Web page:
Controversy on ultra-light howitzers acquisition through FMS
In 2010, the Government of India had authorised an outright purchase of 145 ultra-light howitzers from the US. The ultra-light howitzers are for the mountain artillery divisions of the Indian Army to be used in high-altitude frontiers opposite Pakistan and China and can be lifted by Helicopters.
This acquisition was from the Foreign Military Sales route that is US programme of government-to-government sales of military hardware bypassing a lengthy system of competitive bidding. The FMS system has been quite controversial. India has already chosen this tool to contract six Lockheed Martin-made Hercules C130J air lifters and the army did the same to buy artillery fire-finding radars. Two brands of ultra-light howitzers were initially in contention for the Indian Army’s estimated $2.5-billion artillery modernisation programme — ST Kinetics’ Pegasus and BAE Land Systems’ M777 made in the US.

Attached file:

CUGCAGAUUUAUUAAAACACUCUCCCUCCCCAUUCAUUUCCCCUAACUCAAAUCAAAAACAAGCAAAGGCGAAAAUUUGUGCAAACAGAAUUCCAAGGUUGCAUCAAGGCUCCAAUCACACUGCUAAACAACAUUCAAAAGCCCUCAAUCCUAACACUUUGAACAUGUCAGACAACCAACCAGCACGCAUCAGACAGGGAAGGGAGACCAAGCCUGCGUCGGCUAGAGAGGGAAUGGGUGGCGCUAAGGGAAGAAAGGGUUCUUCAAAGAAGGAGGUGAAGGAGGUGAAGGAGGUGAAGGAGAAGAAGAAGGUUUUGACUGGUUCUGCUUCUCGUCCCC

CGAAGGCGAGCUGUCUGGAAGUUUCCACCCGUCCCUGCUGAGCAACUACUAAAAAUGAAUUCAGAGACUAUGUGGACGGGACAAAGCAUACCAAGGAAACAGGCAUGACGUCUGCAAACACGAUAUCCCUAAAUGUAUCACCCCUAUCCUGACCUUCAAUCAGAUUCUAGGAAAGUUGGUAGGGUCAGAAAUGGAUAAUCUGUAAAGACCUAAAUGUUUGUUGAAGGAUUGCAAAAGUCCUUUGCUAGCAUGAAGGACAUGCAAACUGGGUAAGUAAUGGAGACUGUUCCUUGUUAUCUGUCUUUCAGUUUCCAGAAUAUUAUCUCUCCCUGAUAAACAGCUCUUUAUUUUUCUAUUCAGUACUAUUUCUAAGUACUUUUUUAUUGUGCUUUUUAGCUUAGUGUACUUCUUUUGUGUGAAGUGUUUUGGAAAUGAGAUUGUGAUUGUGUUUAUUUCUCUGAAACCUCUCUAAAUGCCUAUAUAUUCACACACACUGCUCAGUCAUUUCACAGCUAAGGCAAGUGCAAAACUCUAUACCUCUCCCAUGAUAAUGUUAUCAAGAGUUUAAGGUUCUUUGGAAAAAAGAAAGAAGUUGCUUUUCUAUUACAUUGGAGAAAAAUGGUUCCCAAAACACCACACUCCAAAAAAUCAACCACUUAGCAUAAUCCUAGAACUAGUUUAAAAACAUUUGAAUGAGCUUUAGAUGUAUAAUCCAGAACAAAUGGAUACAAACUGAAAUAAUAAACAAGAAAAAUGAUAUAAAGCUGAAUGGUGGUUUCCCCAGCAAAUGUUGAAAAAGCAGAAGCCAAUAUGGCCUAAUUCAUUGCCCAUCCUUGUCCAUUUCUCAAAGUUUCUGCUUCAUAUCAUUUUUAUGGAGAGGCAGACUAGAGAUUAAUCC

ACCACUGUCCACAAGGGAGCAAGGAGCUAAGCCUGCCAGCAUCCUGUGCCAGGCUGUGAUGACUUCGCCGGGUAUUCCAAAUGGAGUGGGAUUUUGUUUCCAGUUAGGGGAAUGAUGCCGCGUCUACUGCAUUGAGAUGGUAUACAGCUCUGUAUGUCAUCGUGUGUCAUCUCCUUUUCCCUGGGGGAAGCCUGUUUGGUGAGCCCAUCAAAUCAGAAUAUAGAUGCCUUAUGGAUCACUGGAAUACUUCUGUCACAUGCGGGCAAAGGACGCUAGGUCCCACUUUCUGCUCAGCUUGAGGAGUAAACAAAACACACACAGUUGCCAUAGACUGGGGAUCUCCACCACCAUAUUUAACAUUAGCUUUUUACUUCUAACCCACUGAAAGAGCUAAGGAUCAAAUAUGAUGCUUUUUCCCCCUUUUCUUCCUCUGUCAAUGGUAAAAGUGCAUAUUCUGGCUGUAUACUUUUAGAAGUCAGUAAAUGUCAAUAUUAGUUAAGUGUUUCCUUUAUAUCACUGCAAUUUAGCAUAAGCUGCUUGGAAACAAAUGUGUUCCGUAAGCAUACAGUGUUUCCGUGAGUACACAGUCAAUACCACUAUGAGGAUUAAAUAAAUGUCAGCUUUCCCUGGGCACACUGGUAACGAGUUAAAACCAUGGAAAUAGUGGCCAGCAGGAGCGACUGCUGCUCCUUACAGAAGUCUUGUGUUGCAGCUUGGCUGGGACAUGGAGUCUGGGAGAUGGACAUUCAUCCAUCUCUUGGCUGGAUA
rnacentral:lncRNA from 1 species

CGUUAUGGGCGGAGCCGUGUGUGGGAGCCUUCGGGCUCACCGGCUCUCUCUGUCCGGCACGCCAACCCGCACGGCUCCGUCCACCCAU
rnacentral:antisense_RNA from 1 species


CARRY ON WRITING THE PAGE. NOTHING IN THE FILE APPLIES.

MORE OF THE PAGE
But the government’s efforts have recently run into rough weather in the final moment. As reported in the newspapers, this deal has been recently referred to the law ministry because of a court order. It’s worth note that in 1986, India had signed a deal for new artillery guns with Bofors of Sweden. A year later, allegations emerged of kickbacks in the deal, freezing the artillery gun contract, and resulting in an anticorruption wave across the country that swept aside the Rajiv Gandhi-led Congress party in the 1989 elections.
But the latest deal was almost near its closing. The first payment for the deal, estimated at over a billion dollars, is budgeted in this financial year.